Team Jumbo-Visma wins thirteen medals at first ISU World Cup in Heerenveen
Team Jumbo-Visma has concluded the first ISU World Cup of the season with thirte...
Mike Teunissen and Dylan Groenewegen have showed off their qualities in the first Pyrenees stage in the Tour de France. The Team Jumbo-Visma duo was part of a large leading group that coloured the twelfth stage and eventually competed for the stage win. Leader Steven Kruijswijk finished the stage in the group of favourites without facing any problems.
Logically, Groenewegen and Teunissen could not follow the pace on the climbs and were caught by the peloton.
With the time trial coming up, Kruijswijk remains fourth in the overall standings at 1.27 of the yellow jersey Julian Alaphilippe and fifteen seconds behind Geraint Thomas.
The stage from Toulouse to Bagnères-de-Bigorre, with the Peyresourde and the La Hourquette d’Ancizan along the way, was one of a very high average speed. After a very fast first hour, the large leading group got established. Kruijswijk was well protected all day and George Bennett and Laurens De Plus brought him in an ideal position at the foot of the final climb.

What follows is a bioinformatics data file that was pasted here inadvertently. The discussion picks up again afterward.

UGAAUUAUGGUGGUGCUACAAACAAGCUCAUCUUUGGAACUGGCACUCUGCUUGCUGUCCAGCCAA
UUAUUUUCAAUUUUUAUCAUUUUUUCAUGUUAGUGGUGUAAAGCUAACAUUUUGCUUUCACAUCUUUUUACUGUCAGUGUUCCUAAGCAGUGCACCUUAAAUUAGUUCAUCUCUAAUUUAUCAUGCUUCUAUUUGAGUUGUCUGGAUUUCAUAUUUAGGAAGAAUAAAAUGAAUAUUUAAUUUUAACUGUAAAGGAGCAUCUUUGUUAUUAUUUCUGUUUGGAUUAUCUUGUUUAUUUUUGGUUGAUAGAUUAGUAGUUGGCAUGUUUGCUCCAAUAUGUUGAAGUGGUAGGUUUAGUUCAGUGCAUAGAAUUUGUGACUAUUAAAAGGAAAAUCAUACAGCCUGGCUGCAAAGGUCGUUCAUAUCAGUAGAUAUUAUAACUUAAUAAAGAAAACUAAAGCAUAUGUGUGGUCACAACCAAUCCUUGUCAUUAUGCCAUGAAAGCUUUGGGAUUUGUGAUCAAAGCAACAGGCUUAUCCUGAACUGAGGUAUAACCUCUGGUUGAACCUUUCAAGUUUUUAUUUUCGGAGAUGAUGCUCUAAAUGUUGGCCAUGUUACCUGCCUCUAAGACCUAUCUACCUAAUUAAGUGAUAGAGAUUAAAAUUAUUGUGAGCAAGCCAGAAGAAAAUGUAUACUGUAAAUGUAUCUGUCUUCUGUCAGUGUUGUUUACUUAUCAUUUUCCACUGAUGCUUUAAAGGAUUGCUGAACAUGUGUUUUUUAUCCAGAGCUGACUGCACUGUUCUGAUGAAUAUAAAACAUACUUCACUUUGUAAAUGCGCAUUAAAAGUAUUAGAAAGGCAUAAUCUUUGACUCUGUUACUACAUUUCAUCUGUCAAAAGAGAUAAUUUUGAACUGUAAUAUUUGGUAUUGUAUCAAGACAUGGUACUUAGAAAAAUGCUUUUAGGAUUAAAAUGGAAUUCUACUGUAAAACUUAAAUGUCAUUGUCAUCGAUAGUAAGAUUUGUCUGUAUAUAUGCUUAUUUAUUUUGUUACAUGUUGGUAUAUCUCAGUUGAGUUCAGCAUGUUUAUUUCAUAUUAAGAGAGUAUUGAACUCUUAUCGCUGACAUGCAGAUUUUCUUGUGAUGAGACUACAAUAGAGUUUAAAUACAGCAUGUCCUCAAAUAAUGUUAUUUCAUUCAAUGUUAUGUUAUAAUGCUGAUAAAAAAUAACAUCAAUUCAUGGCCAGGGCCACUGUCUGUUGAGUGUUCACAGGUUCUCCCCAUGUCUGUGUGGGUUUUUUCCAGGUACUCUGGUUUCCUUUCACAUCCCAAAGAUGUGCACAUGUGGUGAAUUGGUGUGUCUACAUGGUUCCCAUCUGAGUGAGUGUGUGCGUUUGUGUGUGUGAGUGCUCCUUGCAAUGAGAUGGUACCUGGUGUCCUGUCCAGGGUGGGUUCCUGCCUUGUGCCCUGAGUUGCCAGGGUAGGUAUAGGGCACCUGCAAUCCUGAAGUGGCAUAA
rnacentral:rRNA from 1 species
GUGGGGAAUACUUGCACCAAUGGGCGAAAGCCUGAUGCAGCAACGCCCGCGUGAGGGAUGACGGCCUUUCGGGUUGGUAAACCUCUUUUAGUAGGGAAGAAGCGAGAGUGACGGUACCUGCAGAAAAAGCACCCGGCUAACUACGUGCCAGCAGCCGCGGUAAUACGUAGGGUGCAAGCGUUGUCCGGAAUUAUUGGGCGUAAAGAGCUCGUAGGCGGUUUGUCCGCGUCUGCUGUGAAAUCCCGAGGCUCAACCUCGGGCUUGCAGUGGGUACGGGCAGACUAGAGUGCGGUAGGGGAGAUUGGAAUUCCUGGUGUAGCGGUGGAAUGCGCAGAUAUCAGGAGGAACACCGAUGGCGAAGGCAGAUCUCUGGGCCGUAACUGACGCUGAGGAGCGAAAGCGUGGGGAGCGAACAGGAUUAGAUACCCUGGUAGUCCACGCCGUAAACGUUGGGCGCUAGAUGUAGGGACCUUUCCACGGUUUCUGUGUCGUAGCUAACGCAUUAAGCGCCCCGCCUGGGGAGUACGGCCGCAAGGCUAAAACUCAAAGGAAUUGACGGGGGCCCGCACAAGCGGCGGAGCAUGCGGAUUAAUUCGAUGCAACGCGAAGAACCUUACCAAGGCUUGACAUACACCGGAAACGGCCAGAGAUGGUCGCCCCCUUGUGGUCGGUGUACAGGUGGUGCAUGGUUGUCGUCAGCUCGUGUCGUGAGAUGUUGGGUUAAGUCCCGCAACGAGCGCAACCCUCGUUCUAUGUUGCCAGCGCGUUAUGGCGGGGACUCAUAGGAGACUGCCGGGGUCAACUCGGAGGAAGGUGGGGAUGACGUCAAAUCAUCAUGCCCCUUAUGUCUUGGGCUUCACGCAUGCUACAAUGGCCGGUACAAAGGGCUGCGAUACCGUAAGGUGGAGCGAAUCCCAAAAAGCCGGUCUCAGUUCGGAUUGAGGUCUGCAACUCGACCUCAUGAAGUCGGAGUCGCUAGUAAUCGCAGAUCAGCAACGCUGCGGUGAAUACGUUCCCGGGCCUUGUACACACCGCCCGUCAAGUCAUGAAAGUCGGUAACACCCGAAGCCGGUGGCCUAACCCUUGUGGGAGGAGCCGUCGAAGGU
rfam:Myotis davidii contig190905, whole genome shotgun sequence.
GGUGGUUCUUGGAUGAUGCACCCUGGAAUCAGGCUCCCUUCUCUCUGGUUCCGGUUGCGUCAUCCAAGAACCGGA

“I had expected that there was not much going to happen today”, Kruijswijk said. “It was a stage that was suitable for a breakaway group. The top of the last climb was quite far from the finish, so with tomorrow’s time trial in mind, that wasn’t really inviting to try something. The next few days, which contain two mountaintop finishes in addition to the time trial, will be very important and very tough. Today was a day that required you to be focused. The boys protected me well and brought me in an ideal position for the final climb. It was a matter of eating and drinking enough and trying to recover as much as possible, with an eye on tomorrow. It is a course that suits me and it is comparable to the time trial in the Dauphiné. We have done a recon of the time trial a few times and we worked really hard on this with the whole team.”
“The plan was to be part of the breakaway with Dylan, in case it proved to be a large group. We succeeded in that”, Teunissen said. “That way we could take a big enough advantage to take it easy on the climbs. I still felt good and I tried to follow as long as possible. That worked fine on the Peyresourde, but I already felt that it was going to be difficult to ride a good final. On the final climb I rode my own pace and afterwards I was able to do my work for Steven.”
Groenewegen concurred with Teunissen. “Normally, the time limit is not a problem, but if you can make it easier for yourself, you should. In such a large leading group you don’t have to work too much which makes it easier to divide your strengths. I felt great and I was able to ride my own pace.”